Taking Control – Homebirth: A Safe Alternative, Review Appeal Article Written 1999

Taking Control – Homebirth: A safe alternative.  1999

“I don’t know why people would have a baby any other way,” was the response from Brett, my brother and best friend, after he witnessed and helped with the birth of my wife Suzanne’s and my second daughter, Aeyah Glenn Fisher-Miller. The birth took place at home with a midwife as we plan and was one of the most, if not the most, incredible experiences of my life.

We were often looked at like we were crazy. “You’re not having your baby in the hospital?! Is that’s safe? What if something goes wrong?”

We would answer, “We’ve done a lot of research into it and it is actually safer. Infant mortality rates for home births are lower than those for hospital birth.” Research also showed that for all countries, with an infant mortality rate lower than that of the United States, midwives were the primary birth attendants. The cesarean rate in Tennessee, is 23.4%, while the World Health Organization says, “there is no justification for c-section rights over 15%.” In a study from The Farm in Summertown, were more than 1700 babies were born in the 1970s and 80’s. All of which were attended by midwives, the c-section rate was less than 2%. Forceps extraction in hospitals, was one in two, while it was less than one and 200 on the farm, and their neonatal mortality rate, which included high-risk births, which most midwives do not handle, was significantly lower than the hospital average. Research also pointed out that all of the 41 American presidents, only Jimmy Carter and Bill Clinton were not born at home. We knew we wanted a midwife for this birth.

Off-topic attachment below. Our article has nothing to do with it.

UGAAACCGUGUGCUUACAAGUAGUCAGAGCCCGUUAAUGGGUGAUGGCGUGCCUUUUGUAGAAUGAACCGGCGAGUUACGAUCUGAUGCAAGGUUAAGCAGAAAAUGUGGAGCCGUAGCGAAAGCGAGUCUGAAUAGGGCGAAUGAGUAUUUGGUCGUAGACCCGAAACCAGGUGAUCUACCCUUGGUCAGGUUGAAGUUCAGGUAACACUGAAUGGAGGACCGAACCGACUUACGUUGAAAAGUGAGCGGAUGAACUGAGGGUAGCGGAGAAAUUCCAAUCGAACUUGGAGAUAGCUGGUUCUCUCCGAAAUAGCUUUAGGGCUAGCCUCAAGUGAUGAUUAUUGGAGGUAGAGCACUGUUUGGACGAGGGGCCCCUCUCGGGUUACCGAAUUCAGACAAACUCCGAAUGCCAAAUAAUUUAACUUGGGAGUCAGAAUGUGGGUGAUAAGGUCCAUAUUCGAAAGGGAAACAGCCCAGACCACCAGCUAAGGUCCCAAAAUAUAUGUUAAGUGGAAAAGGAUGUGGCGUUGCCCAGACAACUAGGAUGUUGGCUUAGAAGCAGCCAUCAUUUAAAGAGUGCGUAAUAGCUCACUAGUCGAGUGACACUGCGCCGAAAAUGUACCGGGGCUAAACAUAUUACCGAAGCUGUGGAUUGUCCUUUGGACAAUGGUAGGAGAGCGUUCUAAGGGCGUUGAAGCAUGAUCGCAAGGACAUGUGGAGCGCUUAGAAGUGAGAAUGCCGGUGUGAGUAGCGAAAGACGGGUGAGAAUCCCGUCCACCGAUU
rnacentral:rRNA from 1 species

And we knew we wanted to have this baby at home without doctors, nurses, and mother-as-a-patient hospital attitude when birth should be a natural, normal life occurrence and the woman should feel safe and nurtured.

Obstetricians are trained in surgery and midwives on the other hand, are trained to understand and to help women deal with their emotional needs. I have been part of both scenarios.

My daughter, Miyana Nadine Fisher-Miller, was born in the hospital in our experience left much to be desired. The doctor insisted that she had epidural, because all of my patients do, while Suzanne wanted to have Miyana naturally (which she did) without the risks associated with epidurals. While laboring in the hospital for eight hours, she was only allowed to have ice chips — Even though she was very hungry — because it could cause problems if she needed c-section. And after being paged and called at home well before and into the final stages of labor, the doctor did not make it to the hospital in time to deliver Miyana — She was more than an hour late and sited traffic at 2 a.m. as the reason — and then had her name put on the birth certificate (which we had changed).

After Miyana was born, the nurses took her almost immediately for tests and to clean her up, so Suzanne and I did not have the chance to bond immediately. We knew that there had to be a better way, when Suzanne got pregnant the second time, so we proceeded to investigate our options. We made the right choice. After meeting with a certified nurse midwife in Nashville, Suzanne thought she was too clinical and had nearly the same mindset as a doctor, that it was her job to deliver a baby, not help Suzanne. By chance, I had found out about a certified professional midwife, who happened to live in Franklin. Mary Anne Richardson, owns and operates Tender Beginnings Birth Services out of her home in Franklin, with her assistant Lynn Stefanick.